From the Series: Being @CulAnth: Social Media as Academic Practice
Many readers have probably come across an academic organization on Twitter and Facebook. Maybe you shared it or bookmarked a piece for future reading; perhaps you chuckled or winced at the wording of an anthropology meme that flashed across your screen. In all that scrolling, did you picture who crafted the tweet and exhaled before hitting the little blue button, sending that message to you and thousands of other people? That person was likely a graduate student. In the case of the SCA’s social media presence, that graduate student was a member of the Contributing Editors’ Social Media Team (SMT), whose work consists partly of the kind in the above To Do list (and throughout this series).
In recent years, many university departments and academic organizations, such as the American Anthropological Association (AAA), have moved increasingly online. As a result, many junior scholars have worked hard to cultivate virtual spaces, particularly on social media. This is often owing to both junior scholars’ technological familiarity and the service expectations organizing academic hierarchies of comeuppance. These expectations increasingly promise the experience and connections that just might give applicants an edge in today’s precarious job market. At the SCA, this online work is largely managed by the Contributing Editors (CE) program and, for social media, the SMT. Each of the CE teams of unpaid volunteer graduate workers faces their own difficulties of recognition, compensation, and invisibility through their work writing, editing, and producing text and multimodal content. The SMT is no exception, yet we embody a sort of “oddball” status: whereas our CE counterparts might produce content that is more readily legible as academic output (be it in the form of writing or editing a podcast, written post, or multimodal content), in our regular service obligations we do not necessarily produce content or other bylines that might flesh out an academic CV. Rather, the SMT shares the work of our disciplinary colleagues and directs public-facing conversations in the discipline to others. To be sure, while there is strategic visibility and social capital that we can practice and garner each week, they are of an insubstantial nature, less discernable than a written text—what is the ephemerality of potential gains in social capital compared to an actual line on a CV? Some of us share our names in Twitter bios and announce when we log on to the accounts for a week, while others intentionally venture to avoid the risks of social media management to operate more under the radar, a ghost in the virtual machine.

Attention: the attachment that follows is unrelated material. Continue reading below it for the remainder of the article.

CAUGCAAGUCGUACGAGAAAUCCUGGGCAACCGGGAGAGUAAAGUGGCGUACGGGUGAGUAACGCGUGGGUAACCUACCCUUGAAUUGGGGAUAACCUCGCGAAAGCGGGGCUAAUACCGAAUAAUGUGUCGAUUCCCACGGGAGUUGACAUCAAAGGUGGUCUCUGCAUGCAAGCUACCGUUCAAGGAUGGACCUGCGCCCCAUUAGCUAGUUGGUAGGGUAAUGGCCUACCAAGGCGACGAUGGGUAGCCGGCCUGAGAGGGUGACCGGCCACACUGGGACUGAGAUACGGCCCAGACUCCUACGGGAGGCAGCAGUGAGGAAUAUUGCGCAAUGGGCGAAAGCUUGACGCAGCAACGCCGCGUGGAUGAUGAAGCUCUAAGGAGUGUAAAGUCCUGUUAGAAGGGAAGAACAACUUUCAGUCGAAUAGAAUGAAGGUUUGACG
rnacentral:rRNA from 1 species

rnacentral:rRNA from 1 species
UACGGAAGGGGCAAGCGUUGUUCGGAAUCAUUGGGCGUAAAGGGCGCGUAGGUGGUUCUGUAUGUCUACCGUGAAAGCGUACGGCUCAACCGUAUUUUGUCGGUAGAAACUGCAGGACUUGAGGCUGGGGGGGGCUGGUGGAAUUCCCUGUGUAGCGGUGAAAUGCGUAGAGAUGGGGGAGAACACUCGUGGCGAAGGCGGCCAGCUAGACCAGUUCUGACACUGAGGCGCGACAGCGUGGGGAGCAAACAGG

In this post, we venture, in part, to make the SMT—and CE—work more visible. Alongside the other posts in this series, we seek to record an otherwise only oral history of labor by sharing the particularities of the work of the SMT based on our lived experience. Along the way, we endeavor to make sense of the place of graduate student labor within the SCA and academia more broadly. One goal of this post, therefore, is to open a glimpse into the blackbox of the SMT. As Latour described it, blackboxing refers to “the way scientific and technical work is made invisible by its own success,” like a machine with obscure inner workings (Latour 1999, 304). In attending to the technical and social labor of managing a pair of large academic social media accounts, we follow early work in Science and Technology Studies (STS) to open up the blackbox. In this post and series, we work to make the internal complexity of our labor more visible in this rich but obscured corner of open-access and public anthropology in North America.
Another goal of this piece is to provide a critical analysis of labor, especially the undervalued labor of early-career scholars. From our experiences within the SMT, we understand this labor as a noteworthy facet of the contemporary conversation on the role of academic societies, digital publishing in anthropology, and the past, present, and future of academia. We hope to provoke critical thinking on these topics of academic production, to open up questions asked from the position of our lived experience: To what extent does contemporary anthropology rely on the often invisibilized labor of graduate students and precarious scholars? How does this speak to the state of anthropology and academia? In what ways is contemporary anthropology produced at these fault lines of academic societies, social media, and invisibilized labor? What steps can be taken to ensure that this labor is concretely valuable for those who produce it?
The final goal of this piece is to contribute to an ongoing conversation about shifting expectations around professional service and to highlight the crucial roles graduate students already play in our discipline and academic organizations. Looking forward beyond a mere politics of recognition and toward a more just future in academia, several questions emerge. Do we open up the blackbox and reveal its various constructed contents and inner workings? For what purpose—to merely decry the work described herein as yet another form of invisibilized labor in academia? Do we then demand recognition for our labor as academic service, making it and other invisibilized forms of work more CV-able? To what audience do we make this demand—a chorus of ourselves, fellow CEs, @CulAnth editors, managing editors, SCA Board members, past and present, already engaged in this conversation, unable to figure out a way forward? What would it accomplish to dream bigger, to shift metrics of value in academic labor? Following Jobson (2020) and Tuck (2022), we look toward a future that understands and values its contemporary conditions of possibility, not as external to the discipline but as essential to its continued relevance, institutionally and intellectually.